In the foreword to Steve Flowers’ and Bob Stahl’s book Living with Your Heart Wide Open, psychologist and mindfulness teacher Tara Brach says that “If we cannot embrace our own frightened and vulnerable hearts, we cannot love our world.” I think this sentence pretty much sums up the ongoing struggle most of us have with life.
In a world often devoid of a true sense of community, we grow up searching for how to belong. Social isolation is our greatest fear and many of us grow up with the mantra “There’s something wrong with me” feeding a cycle of unworthiness and shame. How we relate to our “frightened and vulnerable hearts” makes all the difference.
Imagine if you grew up in a world where the expression of your vulnerabilities and fears was met with someone just listening to you non-judgmentally and with a sense of really caring. How would you feel? If I had to guess, I would say safe and secure.
Imagine if you truly understood that deep down everyone shares these vulnerabilities and fears. How would you feel? My guess is connected.
The foundation of mental health is feeling safe, secure and connected.
In their book, Steve and Bob share with us how mindfulness training can help heal our shame and cultivate a sense of worthiness that can open up many doors of possibilities we may never thought existed.
Mindfulness isn’t only about cultivating a greater awareness of the inner workings of our minds and bodies; it’s about healing our past wounds (that are currently present) and experiencing the self love and compassion that deep down we have always needed.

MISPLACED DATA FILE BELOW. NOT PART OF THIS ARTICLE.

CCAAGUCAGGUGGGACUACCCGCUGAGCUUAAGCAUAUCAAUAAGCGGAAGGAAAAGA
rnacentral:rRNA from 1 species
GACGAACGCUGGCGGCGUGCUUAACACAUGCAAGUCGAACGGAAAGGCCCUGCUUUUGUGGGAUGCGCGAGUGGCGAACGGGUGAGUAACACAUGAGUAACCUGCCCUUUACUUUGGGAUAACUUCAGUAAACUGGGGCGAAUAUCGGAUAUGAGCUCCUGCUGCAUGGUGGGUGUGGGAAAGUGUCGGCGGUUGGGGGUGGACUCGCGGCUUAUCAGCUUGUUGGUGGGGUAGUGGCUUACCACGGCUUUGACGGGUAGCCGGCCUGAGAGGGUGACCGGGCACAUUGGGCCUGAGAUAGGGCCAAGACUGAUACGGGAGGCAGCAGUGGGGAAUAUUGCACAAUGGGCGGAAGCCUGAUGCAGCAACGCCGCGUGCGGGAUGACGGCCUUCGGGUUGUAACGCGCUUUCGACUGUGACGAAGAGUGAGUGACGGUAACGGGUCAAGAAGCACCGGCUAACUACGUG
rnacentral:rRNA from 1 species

When we run away from our fears and vulnerabilities by either shutting down, turning to drugs, alcohol, sex, gambling or checking out with our phones, we send ourselves the message that we are “not worth” paying attention to, feeding a cycle of unworthiness. When we’re able to locate that feeling and wrap it around a caring awareness, we send the message that we are “worth” paying attention to, feeding a cycle of worthiness.
It’s really that simple, but the practice isn’t easy because it’s flying in the face of very old and rigid beliefs about how you see yourself.
Maybe your feelings weren’t validated growing up or you were neglected emotionally, leaving you with the belief that you’re not worth being loved. Or maybe when you were young, being vulnerable was met with some kind of attack. Now your reactions of avoidance are operating on auto-pilot just feeding an unhealthy conditioning leaving you feeling stuck.
Gently beginning to open your heart with compassion and dip your toes into your vulnerabilities is the path toward healing. In my experience, mindfulness provides a very practical and gentle way to do this.
As always, please share your thoughts, stories and questions below. Your interaction creates a living wisdom for us all to benefit from.